And now I'm scared.
Because I know what's next: badly penciled-in hyperextended too dark eyebrows, lipstick that extends beyond my natural lip line--like a chalked out body outline on CSI. The dreaded day that a step out into bright sunlight shows me with one black sock, one navy blue sock on. Rogue eyebrow hairs that escape my detection but no one else's, and fester on-wild and unplucked.
And the worst of it? How do I know these things haven't already happened?
They probably have. I can't go on denying that I need a new eyeglass prescription. It's a hard pill to swallow, when your current eyeglasses no longer serve you. This is a kind way of saying your eyesight has gotten worse. Not just one step worse, but more like two. I envision the Hubble lenses that will await me; deep field vision enhancers capable of showing others distant galaxies, but only enabling me to read the care instructions on my fall blazer.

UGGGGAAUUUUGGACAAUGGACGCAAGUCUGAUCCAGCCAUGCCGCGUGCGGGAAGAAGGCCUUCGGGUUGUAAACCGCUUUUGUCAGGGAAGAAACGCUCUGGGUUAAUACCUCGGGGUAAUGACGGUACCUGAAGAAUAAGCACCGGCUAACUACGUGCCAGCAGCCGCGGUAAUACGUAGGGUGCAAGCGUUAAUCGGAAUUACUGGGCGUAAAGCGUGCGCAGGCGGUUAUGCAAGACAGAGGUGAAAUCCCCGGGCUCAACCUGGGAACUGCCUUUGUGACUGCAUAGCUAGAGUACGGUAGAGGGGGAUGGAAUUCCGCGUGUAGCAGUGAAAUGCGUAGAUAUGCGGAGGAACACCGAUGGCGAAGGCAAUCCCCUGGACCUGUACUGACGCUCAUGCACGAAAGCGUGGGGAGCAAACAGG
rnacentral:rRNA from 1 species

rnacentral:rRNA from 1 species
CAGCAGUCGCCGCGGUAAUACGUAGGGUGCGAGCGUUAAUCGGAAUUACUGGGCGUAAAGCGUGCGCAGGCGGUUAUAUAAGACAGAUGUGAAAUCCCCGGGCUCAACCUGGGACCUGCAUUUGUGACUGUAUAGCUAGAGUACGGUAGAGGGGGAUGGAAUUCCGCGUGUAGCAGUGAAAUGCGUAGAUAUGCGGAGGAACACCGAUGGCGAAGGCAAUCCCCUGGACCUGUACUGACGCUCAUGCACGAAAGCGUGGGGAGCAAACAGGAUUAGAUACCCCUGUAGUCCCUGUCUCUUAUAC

I know the reason for the four Tylenols a day: eye strain. I know why I act like I want to give my teen practice "night driving" -- it's gotten harder for me to see in the dark. And I have to publicly apologize for making Betty Crocker my scapegoat: the cupcakes aren't soggy because she changed her recipe: it's because she tells you to add 1/4 cup of applesauce, not 1/2 cup.
I will call for an appointment to see my eye doctor. When I call and they ask if there's an urgency to my visit, I'll tell them No Rush.
Because last night at dinner, my kids told me I made the most epic Kool-Aid they've ever had (I was positive the printed directions called for four cups of sugar) and I'm sitting here loving looking at a winged alabaster cherub I brought home from an estate sale last week--he rests on our fireplace mantel, and, well--looks angelic up there in his corner.
How this angel landed in our house is simple. I swear the hand-calligraphied numbers scratched onto the ivory price tag fastened around his neck looked more $29.00 and not the actual $69.00 that I later discovered he was. But by then it was too late, he looked so happy in his new home.